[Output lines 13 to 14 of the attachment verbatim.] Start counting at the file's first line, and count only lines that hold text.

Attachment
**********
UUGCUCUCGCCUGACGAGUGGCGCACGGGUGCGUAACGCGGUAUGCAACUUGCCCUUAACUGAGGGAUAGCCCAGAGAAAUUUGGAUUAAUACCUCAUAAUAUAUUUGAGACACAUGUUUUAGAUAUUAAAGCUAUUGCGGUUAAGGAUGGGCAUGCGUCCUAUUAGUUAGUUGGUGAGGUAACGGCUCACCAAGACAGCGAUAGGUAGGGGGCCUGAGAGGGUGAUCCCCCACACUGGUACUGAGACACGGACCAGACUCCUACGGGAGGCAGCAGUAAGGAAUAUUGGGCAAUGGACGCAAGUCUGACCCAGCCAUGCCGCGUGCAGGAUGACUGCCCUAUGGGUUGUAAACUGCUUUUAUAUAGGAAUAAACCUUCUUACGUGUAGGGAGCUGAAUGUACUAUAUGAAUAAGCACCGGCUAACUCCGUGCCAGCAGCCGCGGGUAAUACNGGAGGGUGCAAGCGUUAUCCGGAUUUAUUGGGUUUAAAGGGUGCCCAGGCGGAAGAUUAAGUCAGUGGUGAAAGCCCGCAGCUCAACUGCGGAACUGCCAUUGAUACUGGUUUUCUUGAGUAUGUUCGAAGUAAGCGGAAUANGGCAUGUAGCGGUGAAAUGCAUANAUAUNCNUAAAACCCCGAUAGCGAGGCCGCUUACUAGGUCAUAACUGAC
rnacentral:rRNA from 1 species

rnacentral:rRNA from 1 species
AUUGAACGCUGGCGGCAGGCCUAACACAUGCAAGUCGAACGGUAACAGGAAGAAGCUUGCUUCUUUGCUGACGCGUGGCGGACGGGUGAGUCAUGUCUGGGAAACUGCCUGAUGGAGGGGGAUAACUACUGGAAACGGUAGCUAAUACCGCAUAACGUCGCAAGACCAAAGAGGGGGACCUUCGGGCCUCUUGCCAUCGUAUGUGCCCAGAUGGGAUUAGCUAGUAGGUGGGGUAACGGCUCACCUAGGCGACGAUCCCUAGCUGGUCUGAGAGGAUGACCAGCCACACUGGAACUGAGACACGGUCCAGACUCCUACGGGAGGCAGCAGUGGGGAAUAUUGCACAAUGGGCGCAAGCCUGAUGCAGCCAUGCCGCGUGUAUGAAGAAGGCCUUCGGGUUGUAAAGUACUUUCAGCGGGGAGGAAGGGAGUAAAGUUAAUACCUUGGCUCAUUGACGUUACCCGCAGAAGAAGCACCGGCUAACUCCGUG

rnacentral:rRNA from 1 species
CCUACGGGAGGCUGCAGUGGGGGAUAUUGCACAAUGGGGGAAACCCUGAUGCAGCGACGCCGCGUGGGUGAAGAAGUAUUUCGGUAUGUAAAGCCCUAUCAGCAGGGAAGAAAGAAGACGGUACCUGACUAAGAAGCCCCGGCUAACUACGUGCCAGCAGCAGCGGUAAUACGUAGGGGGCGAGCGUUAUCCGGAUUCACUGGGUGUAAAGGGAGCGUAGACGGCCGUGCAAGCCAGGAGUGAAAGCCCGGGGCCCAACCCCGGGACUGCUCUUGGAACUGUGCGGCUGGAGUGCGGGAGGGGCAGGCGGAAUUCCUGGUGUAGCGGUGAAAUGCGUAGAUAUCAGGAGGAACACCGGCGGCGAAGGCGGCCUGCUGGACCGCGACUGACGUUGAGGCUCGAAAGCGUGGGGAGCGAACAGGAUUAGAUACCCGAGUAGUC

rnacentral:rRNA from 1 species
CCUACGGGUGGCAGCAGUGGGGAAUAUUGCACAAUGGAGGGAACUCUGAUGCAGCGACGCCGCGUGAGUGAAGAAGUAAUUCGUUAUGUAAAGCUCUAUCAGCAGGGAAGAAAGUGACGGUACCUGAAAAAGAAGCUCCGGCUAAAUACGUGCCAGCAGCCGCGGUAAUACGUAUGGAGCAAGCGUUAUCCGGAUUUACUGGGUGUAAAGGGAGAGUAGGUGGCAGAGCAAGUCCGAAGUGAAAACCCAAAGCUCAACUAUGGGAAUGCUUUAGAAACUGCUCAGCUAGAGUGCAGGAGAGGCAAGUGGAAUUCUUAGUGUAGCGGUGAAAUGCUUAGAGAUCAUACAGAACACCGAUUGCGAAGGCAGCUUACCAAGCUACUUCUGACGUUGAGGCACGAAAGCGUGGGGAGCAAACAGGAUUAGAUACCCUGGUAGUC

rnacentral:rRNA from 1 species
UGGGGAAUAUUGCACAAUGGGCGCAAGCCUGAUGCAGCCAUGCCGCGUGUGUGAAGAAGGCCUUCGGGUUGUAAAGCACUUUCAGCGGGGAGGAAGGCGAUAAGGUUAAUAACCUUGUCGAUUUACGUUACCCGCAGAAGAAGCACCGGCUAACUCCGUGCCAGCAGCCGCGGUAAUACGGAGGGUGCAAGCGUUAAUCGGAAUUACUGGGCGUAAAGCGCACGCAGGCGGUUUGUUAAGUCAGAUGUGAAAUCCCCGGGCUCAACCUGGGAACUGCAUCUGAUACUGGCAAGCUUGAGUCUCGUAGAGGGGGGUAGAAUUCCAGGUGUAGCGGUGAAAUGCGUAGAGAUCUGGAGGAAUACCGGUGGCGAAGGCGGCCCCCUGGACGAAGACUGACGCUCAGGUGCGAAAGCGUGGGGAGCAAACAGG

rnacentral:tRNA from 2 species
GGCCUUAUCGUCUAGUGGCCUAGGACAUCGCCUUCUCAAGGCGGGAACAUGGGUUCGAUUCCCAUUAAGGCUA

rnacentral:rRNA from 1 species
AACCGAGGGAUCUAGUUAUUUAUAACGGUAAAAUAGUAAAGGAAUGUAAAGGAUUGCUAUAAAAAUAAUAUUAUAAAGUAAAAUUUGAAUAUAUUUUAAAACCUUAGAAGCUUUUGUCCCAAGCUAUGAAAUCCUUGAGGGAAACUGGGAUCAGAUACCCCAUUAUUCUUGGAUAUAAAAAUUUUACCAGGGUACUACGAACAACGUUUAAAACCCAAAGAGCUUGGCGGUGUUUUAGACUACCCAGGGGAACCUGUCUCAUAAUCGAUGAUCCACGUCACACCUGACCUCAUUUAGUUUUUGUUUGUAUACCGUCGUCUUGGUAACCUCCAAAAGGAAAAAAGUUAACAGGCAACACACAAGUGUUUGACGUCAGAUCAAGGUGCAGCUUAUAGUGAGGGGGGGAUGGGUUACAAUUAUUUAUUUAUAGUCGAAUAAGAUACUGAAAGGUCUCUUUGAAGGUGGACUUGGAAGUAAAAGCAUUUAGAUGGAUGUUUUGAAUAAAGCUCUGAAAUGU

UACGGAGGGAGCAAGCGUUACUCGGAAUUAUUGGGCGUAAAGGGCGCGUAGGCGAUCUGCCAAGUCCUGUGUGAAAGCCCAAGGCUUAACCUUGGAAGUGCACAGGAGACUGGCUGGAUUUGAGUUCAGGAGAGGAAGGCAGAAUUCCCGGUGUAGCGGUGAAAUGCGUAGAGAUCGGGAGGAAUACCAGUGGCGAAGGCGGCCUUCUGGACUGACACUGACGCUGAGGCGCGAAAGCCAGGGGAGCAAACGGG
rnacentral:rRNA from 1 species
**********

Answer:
rnacentral:rRNA from 1 species
AACCGAGGGAUCUAGUUAUUUAUAACGGUAAAAUAGUAAAGGAAUGUAAAGGAUUGCUAUAAAAAUAAUAUUAUAAAGUAAAAUUUGAAUAUAUUUUAAAACCUUAGAAGCUUUUGUCCCAAGCUAUGAAAUCCUUGAGGGAAACUGGGAUCAGAUACCCCAUUAUUCUUGGAUAUAAAAAUUUUACCAGGGUACUACGAACAACGUUUAAAACCCAAAGAGCUUGGCGGUGUUUUAGACUACCCAGGGGAACCUGUCUCAUAAUCGAUGAUCCACGUCACACCUGACCUCAUUUAGUUUUUGUUUGUAUACCGUCGUCUUGGUAACCUCCAAAAGGAAAAAAGUUAACAGGCAACACACAAGUGUUUGACGUCAGAUCAAGGUGCAGCUUAUAGUGAGGGGGGGAUGGGUUACAAUUAUUUAUUUAUAGUCGAAUAAGAUACUGAAAGGUCUCUUUGAAGGUGGACUUGGAAGUAAAAGCAUUUAGAUGGAUGUUUUGAAUAAAGCUCUGAAAUGU